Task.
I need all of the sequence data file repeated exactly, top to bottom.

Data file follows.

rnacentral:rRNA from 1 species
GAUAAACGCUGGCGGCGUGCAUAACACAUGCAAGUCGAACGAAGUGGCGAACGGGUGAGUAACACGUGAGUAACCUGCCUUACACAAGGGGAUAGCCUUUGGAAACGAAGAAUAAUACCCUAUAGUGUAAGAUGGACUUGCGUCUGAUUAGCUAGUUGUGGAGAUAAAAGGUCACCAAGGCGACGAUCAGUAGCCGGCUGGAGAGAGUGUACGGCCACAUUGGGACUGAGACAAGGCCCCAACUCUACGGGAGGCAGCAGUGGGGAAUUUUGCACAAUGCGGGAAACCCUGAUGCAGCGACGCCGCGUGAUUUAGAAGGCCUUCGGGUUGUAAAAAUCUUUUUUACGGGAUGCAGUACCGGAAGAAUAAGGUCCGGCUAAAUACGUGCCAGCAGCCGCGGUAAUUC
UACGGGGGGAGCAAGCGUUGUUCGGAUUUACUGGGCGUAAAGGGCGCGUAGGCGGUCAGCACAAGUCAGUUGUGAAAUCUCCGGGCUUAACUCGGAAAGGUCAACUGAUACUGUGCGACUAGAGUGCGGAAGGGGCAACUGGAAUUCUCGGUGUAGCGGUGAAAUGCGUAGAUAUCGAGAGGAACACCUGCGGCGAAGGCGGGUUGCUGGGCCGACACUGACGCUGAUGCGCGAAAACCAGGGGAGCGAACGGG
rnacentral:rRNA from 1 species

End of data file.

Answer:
rnacentral:rRNA from 1 species
GAUAAACGCUGGCGGCGUGCAUAACACAUGCAAGUCGAACGAAGUGGCGAACGGGUGAGUAACACGUGAGUAACCUGCCUUACACAAGGGGAUAGCCUUUGGAAACGAAGAAUAAUACCCUAUAGUGUAAGAUGGACUUGCGUCUGAUUAGCUAGUUGUGGAGAUAAAAGGUCACCAAGGCGACGAUCAGUAGCCGGCUGGAGAGAGUGUACGGCCACAUUGGGACUGAGACAAGGCCCCAACUCUACGGGAGGCAGCAGUGGGGAAUUUUGCACAAUGCGGGAAACCCUGAUGCAGCGACGCCGCGUGAUUUAGAAGGCCUUCGGGUUGUAAAAAUCUUUUUUACGGGAUGCAGUACCGGAAGAAUAAGGUCCGGCUAAAUACGUGCCAGCAGCCGCGGUAAUUC
UACGGGGGGAGCAAGCGUUGUUCGGAUUUACUGGGCGUAAAGGGCGCGUAGGCGGUCAGCACAAGUCAGUUGUGAAAUCUCCGGGCUUAACUCGGAAAGGUCAACUGAUACUGUGCGACUAGAGUGCGGAAGGGGCAACUGGAAUUCUCGGUGUAGCGGUGAAAUGCGUAGAUAUCGAGAGGAACACCUGCGGCGAAGGCGGGUUGCUGGGCCGACACUGACGCUGAUGCGCGAAAACCAGGGGAGCGAACGGG
rnacentral:rRNA from 1 species